Regrouting your shower wall and floor can be necessitated by the current grout being discolored, dirty, infected with microorganisms such as bacteria and mold, or looseness. Whatever reason you have for regrouting your shower wall and floor, you can do so in six simple steps given the right tools.
Regrouting can be done with simple tools and in a few DIY steps. On average, it’ll cost you about $150 to regrout your bathroom wall.
You’ll need the following items:
- Grout (sanded grout for wider joints between 1/16 to 1/8 inches)
- Grout spreader and shaper
- Piece of cloth
- Mixing bucket
- Putty knife
Before heading to the shop, make sure you’ve measured the size of your bathroom wall to know how much of each item you’ll need. The tools needed have their mechanized versions which can make your work easier but increase the cost of regrouting significantly.
Some precautions to take note of include:
- Protect your hands with gloves and your eyes with goggles. Cover your mouth and nose against any toxic fumes that come from the process with a face mask.
- Mix the grout to a medium consistency. It should be thin enough to allow for manipulation, and hard enough not to flow away instead of staying within the tile joints.
- Mix as little grout as you will need for a given section of the wall and floor. Too much of it mixed at a single time will likely lead to wastage as the grout starts hardening after 30 minutes. If not used by then, it’s a waste.
With these tips, head over to the next section for the steps on how to regrout a shower floor and wall.
How to Regrout a Shower Floor
Regrouting gives your bathroom a new look, prevents further damage and helps you get rid of infections by mold and bacteria.
Here’s how to regrout a shower floor yourself:
1. Remove the old grout
The grout in between the tiles needs to be removed at least half the thickness of a tile using a trowel or razor blade scraper tool. If the grout proves too hard for whatever tool you have, do not apply excessive force as you may end up damaging the tiles. Rather, apply a small amount of acetone to soften the grout for ease of removal.
It is easier and more effective to remove the grout from the vertical lines followed by the horizontal lines.
One aspect you need to be careful with is the differentiation of grout from the caulk. Typically, caulk is used where there can be movement between shower surfaces or corners. Grout should be used on the walls or floors and on the flat sections.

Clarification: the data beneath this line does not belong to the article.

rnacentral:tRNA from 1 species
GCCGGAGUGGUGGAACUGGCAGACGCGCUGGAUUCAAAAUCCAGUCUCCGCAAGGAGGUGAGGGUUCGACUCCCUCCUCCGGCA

At times, however, the plumber can use the two materials in different sections. You can test each by pressing a sharp object in a given section of the space between tiles. If it goes in as if pressing in jelly, that’s caulk. Grout is chalk-like and hard in nature. Make sure to replace the grout with grout, and caulk with caulk.
2. Apply fresh grout
Ensure that the whole shower is dry before applying new grout since applying it on a wet surface compromises its quality.
Mix some grout with water to create a paste with medium consistency then press it in parts on the regions between the tiles. Ensure you obtain a consistency similar to that of peanut butter. Use a trowel for this task. It’s okay if the grout spills over to the tile surfaces since the aim is to obtain grouting that’s flush with the tiles.
Force the grout to fill up the spaces between the tiles tightly for the best results.
3. Remove the excess grout
Use a wet sponge to wipe away any excess grout from the tiles. The aim is to fill the regions between tiles with grout thus the wiping shouldn’t be too rough. This can instead remove the grout between these areas.
Only slightly wet the sponge as too much water weakens and eventually removes the grout between the tiles.
4. Shape the joints
After the grout has hardened up a bit, move the grout sharper along the joints to obtain one continuous and neat finish. If you do this and gaps emerge in the joints, add some more grout and shape it again till you obtain the desired result.
5. Polish the surface
With a soft and dry piece of cloth, wipe the surface in continuous motions to clear off the powdery film (grout haze) that forms on the tiles.
6. Seal the grout
To prevent the growth of mold and mildew, you can add a coat of sealant on the grout and caulk 48 hours after removing the haze. A silicone sealant does the job quite well.
You’re free to use the shower again at least 24 hours after applying the sealant. As you use the shower, keep an eye out for any loose parts such as tiles or grout. It is always safer to repair such parts than be forced to rebuilt the whole bathroom wall due to damage by water.